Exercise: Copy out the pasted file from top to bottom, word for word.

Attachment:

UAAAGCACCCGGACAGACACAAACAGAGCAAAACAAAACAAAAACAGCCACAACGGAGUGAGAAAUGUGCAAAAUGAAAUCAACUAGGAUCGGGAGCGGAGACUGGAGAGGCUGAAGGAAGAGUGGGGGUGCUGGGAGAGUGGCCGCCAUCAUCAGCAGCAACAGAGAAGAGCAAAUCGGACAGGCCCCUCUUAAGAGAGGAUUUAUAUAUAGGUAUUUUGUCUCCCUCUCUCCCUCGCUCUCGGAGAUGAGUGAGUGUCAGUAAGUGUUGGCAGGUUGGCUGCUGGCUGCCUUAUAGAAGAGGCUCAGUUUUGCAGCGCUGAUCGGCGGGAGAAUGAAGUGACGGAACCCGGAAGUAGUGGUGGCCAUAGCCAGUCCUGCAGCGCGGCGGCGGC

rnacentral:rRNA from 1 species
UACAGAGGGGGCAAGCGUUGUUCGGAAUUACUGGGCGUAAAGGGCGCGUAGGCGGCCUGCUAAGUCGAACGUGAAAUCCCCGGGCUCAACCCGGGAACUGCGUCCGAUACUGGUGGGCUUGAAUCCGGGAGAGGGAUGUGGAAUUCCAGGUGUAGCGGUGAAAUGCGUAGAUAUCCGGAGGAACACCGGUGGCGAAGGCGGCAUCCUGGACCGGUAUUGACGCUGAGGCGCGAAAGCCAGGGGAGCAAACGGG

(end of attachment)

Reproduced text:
UAAAGCACCCGGACAGACACAAACAGAGCAAAACAAAACAAAAACAGCCACAACGGAGUGAGAAAUGUGCAAAAUGAAAUCAACUAGGAUCGGGAGCGGAGACUGGAGAGGCUGAAGGAAGAGUGGGGGUGCUGGGAGAGUGGCCGCCAUCAUCAGCAGCAACAGAGAAGAGCAAAUCGGACAGGCCCCUCUUAAGAGAGGAUUUAUAUAUAGGUAUUUUGUCUCCCUCUCUCCCUCGCUCUCGGAGAUGAGUGAGUGUCAGUAAGUGUUGGCAGGUUGGCUGCUGGCUGCCUUAUAGAAGAGGCUCAGUUUUGCAGCGCUGAUCGGCGGGAGAAUGAAGUGACGGAACCCGGAAGUAGUGGUGGCCAUAGCCAGUCCUGCAGCGCGGCGGCGGC

rnacentral:rRNA from 1 species
UACAGAGGGGGCAAGCGUUGUUCGGAAUUACUGGGCGUAAAGGGCGCGUAGGCGGCCUGCUAAGUCGAACGUGAAAUCCCCGGGCUCAACCCGGGAACUGCGUCCGAUACUGGUGGGCUUGAAUCCGGGAGAGGGAUGUGGAAUUCCAGGUGUAGCGGUGAAAUGCGUAGAUAUCCGGAGGAACACCGGUGGCGAAGGCGGCAUCCUGGACCGGUAUUGACGCUGAGGCGCGAAAGCCAGGGGAGCAAACGGG